Merchants Must Trust the “Initial” Libra Network Will Operate “Responsibly”

Going on to allege that Facebook’s cryptocurrency wallet Calibra will “seek trust” as using it will require users to provide their government-issued IDs for verification, Lubin also pointed out:

It will need merchants to trust that their initial network will responsibly run nodes to validate transactions on the system.

Younger Users Prefer Decentralized Payment Protocols

The former VP of Technology at Goldman Sachs further mentioned that the younger generation prefers “payment systems built on truly decentralized protocols” - rather than having to verify their identify and share other personally identifiable information on centralized platforms like Facebook.

Concerns Regarding Users’ Financial Privacy

The ConsenSys founder also noted that Facebook, as a company, makes a lot of money off personal user data. Should the Libra project move further, as it is currently facing various regulatory challenges, then some of Lubin’s concerns might seem reasonable:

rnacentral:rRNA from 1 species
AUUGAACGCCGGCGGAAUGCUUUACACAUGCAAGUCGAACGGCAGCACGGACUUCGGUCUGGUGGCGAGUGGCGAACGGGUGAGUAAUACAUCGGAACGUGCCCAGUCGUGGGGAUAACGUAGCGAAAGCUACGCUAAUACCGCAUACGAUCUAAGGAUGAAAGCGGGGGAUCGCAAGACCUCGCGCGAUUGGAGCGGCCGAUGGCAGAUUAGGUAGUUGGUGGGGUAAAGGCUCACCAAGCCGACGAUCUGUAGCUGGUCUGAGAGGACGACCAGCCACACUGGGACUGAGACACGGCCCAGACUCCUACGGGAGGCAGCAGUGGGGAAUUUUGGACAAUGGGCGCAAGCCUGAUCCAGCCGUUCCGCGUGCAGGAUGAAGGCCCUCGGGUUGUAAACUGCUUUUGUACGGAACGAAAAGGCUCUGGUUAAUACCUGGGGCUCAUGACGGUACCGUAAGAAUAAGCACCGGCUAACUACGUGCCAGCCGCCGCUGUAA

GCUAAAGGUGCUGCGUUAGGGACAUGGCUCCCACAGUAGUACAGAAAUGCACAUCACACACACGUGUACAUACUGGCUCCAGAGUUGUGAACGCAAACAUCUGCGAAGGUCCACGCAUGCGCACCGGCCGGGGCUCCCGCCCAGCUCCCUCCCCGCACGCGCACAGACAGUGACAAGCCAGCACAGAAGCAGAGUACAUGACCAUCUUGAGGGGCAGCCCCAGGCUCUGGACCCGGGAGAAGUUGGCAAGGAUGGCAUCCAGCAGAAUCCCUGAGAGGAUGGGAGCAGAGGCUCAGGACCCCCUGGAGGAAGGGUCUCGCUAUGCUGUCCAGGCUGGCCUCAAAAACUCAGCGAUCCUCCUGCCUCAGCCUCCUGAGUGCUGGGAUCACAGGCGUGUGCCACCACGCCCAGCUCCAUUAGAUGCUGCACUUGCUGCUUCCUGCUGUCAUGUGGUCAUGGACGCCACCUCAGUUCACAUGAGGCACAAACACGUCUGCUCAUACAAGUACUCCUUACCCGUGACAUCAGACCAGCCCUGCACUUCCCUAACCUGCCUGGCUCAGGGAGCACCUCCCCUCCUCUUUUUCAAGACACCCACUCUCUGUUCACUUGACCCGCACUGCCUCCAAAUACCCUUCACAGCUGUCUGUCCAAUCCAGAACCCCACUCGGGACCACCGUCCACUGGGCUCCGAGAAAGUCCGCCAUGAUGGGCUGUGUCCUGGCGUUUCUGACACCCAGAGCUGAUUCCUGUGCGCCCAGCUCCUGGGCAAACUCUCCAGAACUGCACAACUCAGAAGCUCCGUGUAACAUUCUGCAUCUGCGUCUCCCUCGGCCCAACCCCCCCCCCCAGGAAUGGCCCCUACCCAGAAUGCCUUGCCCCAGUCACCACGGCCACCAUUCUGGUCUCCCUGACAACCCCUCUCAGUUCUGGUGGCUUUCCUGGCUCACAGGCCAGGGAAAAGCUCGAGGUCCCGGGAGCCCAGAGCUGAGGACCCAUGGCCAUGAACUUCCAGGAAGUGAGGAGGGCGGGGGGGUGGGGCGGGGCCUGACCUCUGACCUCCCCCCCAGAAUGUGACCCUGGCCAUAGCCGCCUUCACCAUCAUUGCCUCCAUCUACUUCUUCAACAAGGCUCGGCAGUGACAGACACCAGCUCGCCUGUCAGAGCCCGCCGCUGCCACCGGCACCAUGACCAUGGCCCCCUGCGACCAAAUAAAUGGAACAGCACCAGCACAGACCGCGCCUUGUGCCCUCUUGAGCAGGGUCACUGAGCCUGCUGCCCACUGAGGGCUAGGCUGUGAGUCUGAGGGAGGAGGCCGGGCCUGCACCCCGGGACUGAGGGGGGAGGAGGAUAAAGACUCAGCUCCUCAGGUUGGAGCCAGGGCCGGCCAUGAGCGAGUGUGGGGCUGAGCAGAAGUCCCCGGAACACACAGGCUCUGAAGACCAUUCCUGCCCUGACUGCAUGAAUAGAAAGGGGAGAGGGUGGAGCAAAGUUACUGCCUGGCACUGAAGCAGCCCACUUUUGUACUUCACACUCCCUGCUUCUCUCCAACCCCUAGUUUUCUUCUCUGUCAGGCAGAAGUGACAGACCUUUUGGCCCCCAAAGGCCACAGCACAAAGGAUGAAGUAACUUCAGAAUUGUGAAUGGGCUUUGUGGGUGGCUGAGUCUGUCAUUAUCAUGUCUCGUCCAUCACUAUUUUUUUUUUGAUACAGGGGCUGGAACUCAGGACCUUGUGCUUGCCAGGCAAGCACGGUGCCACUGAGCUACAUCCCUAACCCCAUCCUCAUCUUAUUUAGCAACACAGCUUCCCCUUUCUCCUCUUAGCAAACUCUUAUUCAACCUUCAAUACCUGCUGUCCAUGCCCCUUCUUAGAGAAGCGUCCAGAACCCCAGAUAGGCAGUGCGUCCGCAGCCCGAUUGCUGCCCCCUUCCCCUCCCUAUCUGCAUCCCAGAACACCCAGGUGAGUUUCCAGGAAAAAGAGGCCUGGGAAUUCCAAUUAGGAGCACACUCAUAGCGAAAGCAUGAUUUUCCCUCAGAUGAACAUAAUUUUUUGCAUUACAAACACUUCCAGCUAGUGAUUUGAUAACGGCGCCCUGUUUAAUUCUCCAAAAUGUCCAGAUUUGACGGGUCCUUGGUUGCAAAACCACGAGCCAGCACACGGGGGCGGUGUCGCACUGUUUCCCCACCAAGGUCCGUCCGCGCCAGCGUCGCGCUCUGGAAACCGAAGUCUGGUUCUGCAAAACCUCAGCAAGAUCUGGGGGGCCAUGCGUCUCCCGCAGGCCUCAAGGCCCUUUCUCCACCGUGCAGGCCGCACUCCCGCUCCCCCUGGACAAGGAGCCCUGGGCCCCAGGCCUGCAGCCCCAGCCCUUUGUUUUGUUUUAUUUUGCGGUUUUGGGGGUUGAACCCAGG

What happens when you wrap your personal finances up in this, too? That our digital identity will never merge with Libra’s financial data is a hard perception to shake. It is almost a given, even if they have the best of intentions—“accidents” and incursions happen when relying on centralized architectures.

Lubin went on to reveal that the developers at ConsenSys had already begun to review the source code shared by the Libra project’s creators. He claims that the technical documentation and other details released by Libra’s founders is quite similar in some ways to Ethereum, the world’s largest smart contract platform.

While admitting that Facebook’s project will (most likely) be “well executed, technically”, Lubin remarked:

As of today, Libra has made a bold promise, and it’s one that Facebook needs to keep. Until then, Libra is like a centralized wolf in a decentralized sheep’s clothing.